Launched at the end of 2018, the Digital Glasgow Strategy set out our priorities and commitments to developing Glasgow's digital economy and transforming our public services through the use of digital technology. The strategy represents a step change in our approach to digital, and it was developed in collaboration with a broad range of partners from across the public, private, third, and academic sectors. It is a bold, ambitious, and comprehensive plan that recognises the extraordinary opportunity that digital technology provides to our city, but also the challenges that we all face as a consequence of the rapidly evolving digital world we live in.
Our vision for Glasgow is to be:
"A world class city with a thriving digital economy and community, where everyone can flourish and benefit from the best digital connectivity and skills, where technology is used to improve everyone's quality of life, drive businesses' innovation and service design and improve our city, its neighbourhoods and its success"
Underpinning this vision are two principal aims, supported by a set of goals that each defines the outcomes that we all want to achieve, and some of the key actions that we all commit to undertaking:
Our First Aim is:
"We want businesses across all of our sectors to realise the potential that digital provides, to stimulate innovation, and to establish Glasgow's tech sector as a top 20 global digital economy."
Our Second Aim is:
"We want Glasgow to be recognised as one of the most pioneering and innovative smart cities in the world, and we want to apply this innovation to transforming our public services."
A review of the progress made in delivering the strategy was published in November 2020. The review highlighted key successes and achievements, reflected on some of the challenges faced. Highlights include;
The review sets out the following next steps and priorities for 2021-2022;
Three working groups have been established with public, private, voluntary and academic sectors to foster a city-wide approach to delivering against some of the current priorities. The working groups are as follows;
The delivery of the Digital Glasgow Strategy is governed by the Digital Glasgow Board which in turn reports to Glasgow City Council's City Administration Committee.
More information about the Digital Glasgow Board, including Terms of Reference, Membership, and actual papers from the board can be found here.
Underpinning the whole of the strategy is a commitment to digital rights. Glasgow is a signatory of the Declaration of Cities for Digital Rights which includes the following five principles;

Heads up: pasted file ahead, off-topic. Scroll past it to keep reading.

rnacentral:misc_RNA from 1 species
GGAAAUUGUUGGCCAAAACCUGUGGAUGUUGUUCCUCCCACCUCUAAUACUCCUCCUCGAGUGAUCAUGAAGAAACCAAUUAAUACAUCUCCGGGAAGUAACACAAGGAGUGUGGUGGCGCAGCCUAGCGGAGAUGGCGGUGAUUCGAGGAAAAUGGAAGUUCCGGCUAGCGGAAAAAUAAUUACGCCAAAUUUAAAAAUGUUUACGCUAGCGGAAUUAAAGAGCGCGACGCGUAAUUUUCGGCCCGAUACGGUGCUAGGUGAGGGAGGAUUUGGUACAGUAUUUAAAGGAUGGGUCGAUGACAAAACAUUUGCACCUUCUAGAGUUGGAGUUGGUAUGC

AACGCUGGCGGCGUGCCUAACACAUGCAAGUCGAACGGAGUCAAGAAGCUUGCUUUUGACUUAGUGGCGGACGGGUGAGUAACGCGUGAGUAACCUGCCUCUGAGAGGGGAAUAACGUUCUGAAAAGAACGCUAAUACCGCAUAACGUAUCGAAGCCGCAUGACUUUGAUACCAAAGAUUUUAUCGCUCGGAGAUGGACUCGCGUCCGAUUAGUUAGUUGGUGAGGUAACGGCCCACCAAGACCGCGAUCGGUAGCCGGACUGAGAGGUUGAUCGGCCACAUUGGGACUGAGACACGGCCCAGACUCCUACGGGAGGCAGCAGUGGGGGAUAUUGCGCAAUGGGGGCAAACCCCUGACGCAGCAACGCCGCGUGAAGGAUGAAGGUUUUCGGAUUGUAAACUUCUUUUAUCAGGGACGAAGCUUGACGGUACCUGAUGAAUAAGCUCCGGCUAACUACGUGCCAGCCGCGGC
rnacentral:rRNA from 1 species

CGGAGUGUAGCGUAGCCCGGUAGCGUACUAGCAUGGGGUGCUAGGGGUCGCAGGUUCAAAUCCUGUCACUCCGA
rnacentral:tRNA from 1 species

1. Universal and equal access to the internet, and digital literacy
Everyone should have access to affordable and accessible internet and digital services on equal terms, as well as the digital skills to make use of this access and overcome the digital divide.
2. Privacy, data protection and security
Everyone should have privacy and control over their personal information through data protection in both physical and virtual places, to ensure digital confidentiality,security, dignity and anonymity, and sovereignty over their data, including the right to know what happens to their data, who uses it and for what purposes.
3. Transparency, accountability, and non-discrimination of data, content and algorithms
Everyone should have access to understandable and accurate information about the technological, algorithmic and artificial intelligence systems that impact their lives, and the ability to question and change unfair, biased or discriminatory systems.
4. Participatory Democracy, diversity and inclusion
Everyone should have full representation on the internet, and the ability collectively to engage with the city through open, participatory and transparent digital processes. Everyone should have the opportunities to participate in shaping local digital infrastructures and services and, more generally, city policy-making for the common good.
5. Open and ethical digital service standards
Everyone should be able to use the technologies of their choice, and expect the same level of interoperability, inclusion and opportunity in their digital services. Cities should define their own technological infrastructures, services and agenda, through open and ethical digital service standards and data to ensure that they live up to this promise.
Glasgow's actions to deliver against these principles are set out here.